Hurricane Sandy and the Warranty of Habitability
An issue currently facing many landlords throughout New Jersey are the claims for rental abatement from their tenants for the days in which they were without power due to Hurricane Sandy. In these instances, tenants have claimed that because their electricity, heat and hot water were out for as many as 14 days or more due to Hurricane Sandy, that the landlord breached its warranty of habitability. These claims attempt to somehow purport that landlords were responsible for the second-costliest hurricane in United States history. Up until recently, there has been little to no guidance from the courts on this issue. This changed, however, earlier this month when Essex County Judge Mahlon L. Fast handed down the first published opinion on this issue.
In Gardens at Maplewood v. Fowlin, Judge Fast, the author of one of the most influential Landlord/Tenant law treatises in New Jersey, held that landlords cannot be held responsible for an Act of God. In Gardens at Maplewood, the landlord had sued its tenant seeking eviction based on non-payment of rent in the amount of $857.50. The tenant claimed that this amount represented one-half of their November 2012 rent which they purposely withheld on account that they were without heat, lights or hot water for two weeks.
Judge Fast found this argument to be unpersuasive given that the catalyst for such service interruptions was Hurricane Sandy, an undisputed Act of God, which Black’s Law Dictionary, sixth edition, defines as:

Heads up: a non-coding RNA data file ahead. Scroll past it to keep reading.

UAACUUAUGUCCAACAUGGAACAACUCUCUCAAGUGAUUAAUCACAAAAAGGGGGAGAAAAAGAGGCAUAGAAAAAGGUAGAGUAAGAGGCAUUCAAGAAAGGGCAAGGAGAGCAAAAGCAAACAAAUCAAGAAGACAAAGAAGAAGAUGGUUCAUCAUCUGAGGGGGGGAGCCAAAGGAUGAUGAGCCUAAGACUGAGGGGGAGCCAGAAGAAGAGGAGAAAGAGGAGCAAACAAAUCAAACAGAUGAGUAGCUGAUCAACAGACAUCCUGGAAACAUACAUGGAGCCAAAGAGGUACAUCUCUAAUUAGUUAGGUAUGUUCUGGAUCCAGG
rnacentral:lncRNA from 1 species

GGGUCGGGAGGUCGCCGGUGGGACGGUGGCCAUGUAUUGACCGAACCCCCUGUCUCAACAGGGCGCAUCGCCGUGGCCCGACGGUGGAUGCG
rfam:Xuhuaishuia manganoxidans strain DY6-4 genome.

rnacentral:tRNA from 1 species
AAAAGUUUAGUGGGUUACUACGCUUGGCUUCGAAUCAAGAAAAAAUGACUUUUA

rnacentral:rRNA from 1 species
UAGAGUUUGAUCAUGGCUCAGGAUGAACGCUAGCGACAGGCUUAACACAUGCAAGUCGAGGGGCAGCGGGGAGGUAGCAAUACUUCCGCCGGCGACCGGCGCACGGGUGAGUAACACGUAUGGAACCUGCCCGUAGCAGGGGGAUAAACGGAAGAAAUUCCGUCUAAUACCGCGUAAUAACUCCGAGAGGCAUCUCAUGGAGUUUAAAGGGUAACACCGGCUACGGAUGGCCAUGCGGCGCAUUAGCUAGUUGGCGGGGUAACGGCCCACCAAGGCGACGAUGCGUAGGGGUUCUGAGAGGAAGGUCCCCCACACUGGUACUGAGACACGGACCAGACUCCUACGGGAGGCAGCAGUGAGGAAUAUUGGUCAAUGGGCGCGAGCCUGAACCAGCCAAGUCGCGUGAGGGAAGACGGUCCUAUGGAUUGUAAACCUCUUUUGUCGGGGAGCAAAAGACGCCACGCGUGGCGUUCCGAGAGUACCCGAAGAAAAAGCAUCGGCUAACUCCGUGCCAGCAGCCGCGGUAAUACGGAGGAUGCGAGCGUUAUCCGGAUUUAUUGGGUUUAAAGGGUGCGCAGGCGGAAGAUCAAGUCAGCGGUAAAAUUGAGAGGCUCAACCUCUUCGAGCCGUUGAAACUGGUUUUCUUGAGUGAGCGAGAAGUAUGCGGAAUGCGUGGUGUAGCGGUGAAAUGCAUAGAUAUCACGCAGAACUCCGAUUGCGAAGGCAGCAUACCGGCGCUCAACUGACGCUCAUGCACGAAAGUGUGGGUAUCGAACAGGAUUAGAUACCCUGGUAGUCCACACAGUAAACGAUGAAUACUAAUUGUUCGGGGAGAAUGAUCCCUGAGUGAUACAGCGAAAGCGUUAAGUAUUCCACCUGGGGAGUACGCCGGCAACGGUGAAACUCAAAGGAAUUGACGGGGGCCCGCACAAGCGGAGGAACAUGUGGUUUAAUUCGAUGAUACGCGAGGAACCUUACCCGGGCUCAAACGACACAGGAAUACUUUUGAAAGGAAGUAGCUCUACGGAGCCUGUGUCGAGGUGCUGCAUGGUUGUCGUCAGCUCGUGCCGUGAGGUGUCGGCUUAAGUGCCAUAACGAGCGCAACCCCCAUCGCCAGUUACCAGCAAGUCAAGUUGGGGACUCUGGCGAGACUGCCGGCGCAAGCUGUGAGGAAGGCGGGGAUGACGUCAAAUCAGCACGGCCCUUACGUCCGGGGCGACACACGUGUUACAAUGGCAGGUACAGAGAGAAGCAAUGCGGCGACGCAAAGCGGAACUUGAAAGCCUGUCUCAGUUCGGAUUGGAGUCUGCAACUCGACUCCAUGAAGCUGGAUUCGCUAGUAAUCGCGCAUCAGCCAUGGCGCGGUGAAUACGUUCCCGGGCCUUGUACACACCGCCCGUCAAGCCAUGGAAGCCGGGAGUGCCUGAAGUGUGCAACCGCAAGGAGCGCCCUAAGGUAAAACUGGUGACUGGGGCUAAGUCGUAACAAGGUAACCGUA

An act occasioned exclusively by forces of nature without the interference of any human agency[.] . . . and is of such a character that it could not have been prevented or escaped by any amount of foresight or prudence, or by any reasonable degree of care or diligence . . . Any accident produced by any physical cause which is irresistible, such as lightening, tempests, perils of the seas, tornados, earthquakes.
Judge Fast held that “tenants are not entitled to an abatement when the landlord repairs the defective condition within a reasonable time after learning of its existence. A ‘reasonable time,’ when the repair is solely in the control of a third party (PSE&G) over whom the landlord has no control, would be when the third party completes the repair.”
While this case is being seen, and should be seen, as a victory for landlords throughout the State, it’s important to keep this case in perspective. We are aware of other judges in New Jersey who disagree with this holding and instead believe that a tenant should not be responsible to pay for something he or she did not receive and Landlords should bear the brunt of a loss with respect to acts of God. Judge Fast himself, did make a distinction in his ruling indicating that his ruling would have been different had the property been a luxury rental where the reasonability of the tenant’s expectations are different.
While Judge Fast’s opinion may persuade these judges, courts are not generally bound to follow the published decision of a coordinate trial court. State ex rel. R.M., 343 N.J. Super 153, 156 (Ch. Div. 2001). In any event, this case is likely headed to the Appellate Division so that they may provide guidance to the lower courts on how to handle these claims.
So while landlords should not necessarily be jumping for joy just yet, they can certainly find solace in the fact that they won the first round in the issue of whether they should provide abatements for their tenants who were without heat or electricity due to Hurricane Sandy.
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This posting is intended to provide general information and is not intended as specific legal advice or to establish an attorney-client relationship. Please contact Griffin Alexander, P.C. at (973) 366-1188 to assist you with both your Community Association law and Landlord-Tenant law needs.